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Mickelson Singh in Spike Flap

AUGUSTA, Ga. -- Vijay Singh didn't like following in Phil Mickelson's footsteps Friday.
A complaint about spike marks led to a confrontation in the locker room between the two Masters champions after Singh told rules officials that the metal cleats in Lefty's shoes were too long.
Mickelson had to stop on the 13th fairway and show an official the bottom of his shoes. And when he heard Singh talking about his spikes during the rain delay, he decided to confront him.
'He expressed his concerns. I expressed my disappointment with the way it was handled,' Mickelson said through his press agent, T.R. Reinman. 'I believe everything is fine now.'
Singh played in the group behind the defending Masters champion.
They resumed the first round on the par-3 12th, the scariest hole at Augusta. Mickelson hit his tee shot into 5 feet and made birdie, going to 3 under par. Singh hit his tee shot to about 25 feet on the same line and two-putted for par.
Mickelson offered an apology, but was angry about the timing of being stopped by two officials on one hole.
'They were sent by Vijay to check my spikes because he felt they were unduly damaging the greens,' Mickelson said. 'If that's the case, I am very apologetic and will make every effort to tap down what spike marks I may make in the future. However, I was extremely distracted and would have appreciated if it would have been handled differently or after the round.'
Mickelson said more than one-third of the field is using metal spikes, especially because of the wet conditions.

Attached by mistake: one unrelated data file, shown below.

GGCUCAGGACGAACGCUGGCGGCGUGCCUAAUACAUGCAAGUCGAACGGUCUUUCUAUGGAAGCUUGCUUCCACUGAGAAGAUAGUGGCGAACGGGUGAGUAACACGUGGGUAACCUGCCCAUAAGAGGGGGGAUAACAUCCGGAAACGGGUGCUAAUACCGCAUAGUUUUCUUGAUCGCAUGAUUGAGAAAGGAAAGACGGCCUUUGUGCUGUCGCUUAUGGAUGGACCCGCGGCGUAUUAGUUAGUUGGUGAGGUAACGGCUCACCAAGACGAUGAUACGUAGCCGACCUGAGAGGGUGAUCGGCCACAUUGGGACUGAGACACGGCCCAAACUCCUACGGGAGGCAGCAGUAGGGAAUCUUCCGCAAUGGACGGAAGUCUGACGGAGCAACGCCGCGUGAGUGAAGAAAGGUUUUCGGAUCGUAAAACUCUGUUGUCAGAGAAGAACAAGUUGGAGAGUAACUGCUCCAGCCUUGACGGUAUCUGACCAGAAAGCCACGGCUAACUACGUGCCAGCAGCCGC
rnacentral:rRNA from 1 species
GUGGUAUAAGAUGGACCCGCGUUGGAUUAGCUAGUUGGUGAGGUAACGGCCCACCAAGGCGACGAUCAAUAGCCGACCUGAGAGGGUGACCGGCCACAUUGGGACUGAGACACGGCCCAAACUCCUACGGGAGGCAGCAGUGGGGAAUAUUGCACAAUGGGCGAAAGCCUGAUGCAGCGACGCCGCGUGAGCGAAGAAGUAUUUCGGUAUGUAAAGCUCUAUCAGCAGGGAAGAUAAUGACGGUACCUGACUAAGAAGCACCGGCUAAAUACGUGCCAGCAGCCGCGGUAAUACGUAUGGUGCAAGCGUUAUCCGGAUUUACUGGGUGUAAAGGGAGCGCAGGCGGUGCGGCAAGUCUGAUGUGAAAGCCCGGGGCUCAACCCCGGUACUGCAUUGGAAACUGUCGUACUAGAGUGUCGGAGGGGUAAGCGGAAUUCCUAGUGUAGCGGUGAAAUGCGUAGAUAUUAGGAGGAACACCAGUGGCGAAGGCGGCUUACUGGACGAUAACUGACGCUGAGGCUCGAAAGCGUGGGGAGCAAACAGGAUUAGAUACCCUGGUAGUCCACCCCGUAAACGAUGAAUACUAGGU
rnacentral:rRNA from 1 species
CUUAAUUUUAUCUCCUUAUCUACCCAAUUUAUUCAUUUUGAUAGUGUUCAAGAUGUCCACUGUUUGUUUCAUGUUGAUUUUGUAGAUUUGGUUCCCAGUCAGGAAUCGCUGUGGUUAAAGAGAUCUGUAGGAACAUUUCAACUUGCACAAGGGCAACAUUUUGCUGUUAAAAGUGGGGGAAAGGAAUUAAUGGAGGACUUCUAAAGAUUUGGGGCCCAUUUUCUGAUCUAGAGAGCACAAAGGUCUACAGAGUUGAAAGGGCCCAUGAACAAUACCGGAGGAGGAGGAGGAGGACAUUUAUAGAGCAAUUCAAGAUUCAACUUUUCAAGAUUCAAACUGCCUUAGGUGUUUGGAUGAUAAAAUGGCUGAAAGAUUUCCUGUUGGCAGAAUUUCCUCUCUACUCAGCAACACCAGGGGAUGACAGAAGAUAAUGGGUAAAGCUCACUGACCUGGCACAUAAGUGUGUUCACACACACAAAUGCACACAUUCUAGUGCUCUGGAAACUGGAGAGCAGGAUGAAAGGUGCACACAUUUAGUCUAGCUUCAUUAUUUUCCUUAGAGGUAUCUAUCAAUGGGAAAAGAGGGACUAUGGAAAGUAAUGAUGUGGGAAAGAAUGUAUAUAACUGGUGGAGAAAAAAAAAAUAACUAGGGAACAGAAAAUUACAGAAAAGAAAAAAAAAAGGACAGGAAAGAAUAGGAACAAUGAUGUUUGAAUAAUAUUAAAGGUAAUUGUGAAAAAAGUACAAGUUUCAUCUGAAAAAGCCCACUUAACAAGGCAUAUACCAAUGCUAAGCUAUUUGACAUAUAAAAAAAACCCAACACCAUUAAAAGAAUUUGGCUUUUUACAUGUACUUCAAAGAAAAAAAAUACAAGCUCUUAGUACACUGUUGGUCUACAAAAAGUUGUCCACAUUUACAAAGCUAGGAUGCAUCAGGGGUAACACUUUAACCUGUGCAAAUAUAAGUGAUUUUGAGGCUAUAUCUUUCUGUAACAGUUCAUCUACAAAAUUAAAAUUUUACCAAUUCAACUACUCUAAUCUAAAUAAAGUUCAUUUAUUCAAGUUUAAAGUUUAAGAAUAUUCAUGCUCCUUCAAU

Singh contacted a rules official while putting on the 12th green.
'He said on the 12th hole that someone in the group in front was tracking the green with his shoes,' said Steve Rintoul, a PGA Tour rules official working at the Masters. 'When he looked at where the track was going, he figured out it was Phil.'
Mickelson hit his tee shot down the left side of the 13th fairway, and a rules official met him off the tee. Mickelson showed him his soles, one then the other. The official nodded, and Lefty kept walking.
Rintoul said another official on the 13th green watched for abnormal footprints, and found there was no problem.
But the debate apparently didn't end there.
Mickelson and Singh, the 2000 Masters winner, were in the champions locker room during the rain delay when they had it out.
'After sitting in the locker (room) for a while, I heard Vijay talking to other players about it and I confronted him,' Mickelson said.
Singh left the course before he could be questioned.
Will Nicholson, chairman of the competition committee at the Masters, knew about the complaint, but was unaware that Mickelson's shoes were in question or that Singh had turned him in.
'They asked to see if there was a burr on the side of his spikes,' Nicholson said. 'There wasn't.'
Rintoul and Nicholson said Mickelson offered to change his shoes at the end of the first round. It was not clear if he started the second round with new shoes, or different spikes.
Callaway Golf spokesman Larry Dorman said Mickelson changed to 8 millimeter spikes sometime before The Players Championship, which was held two weeks ago. He had been using 6 millimeter spikes.
'He told our guys he was slipping at the Match Play,' Dorman said.
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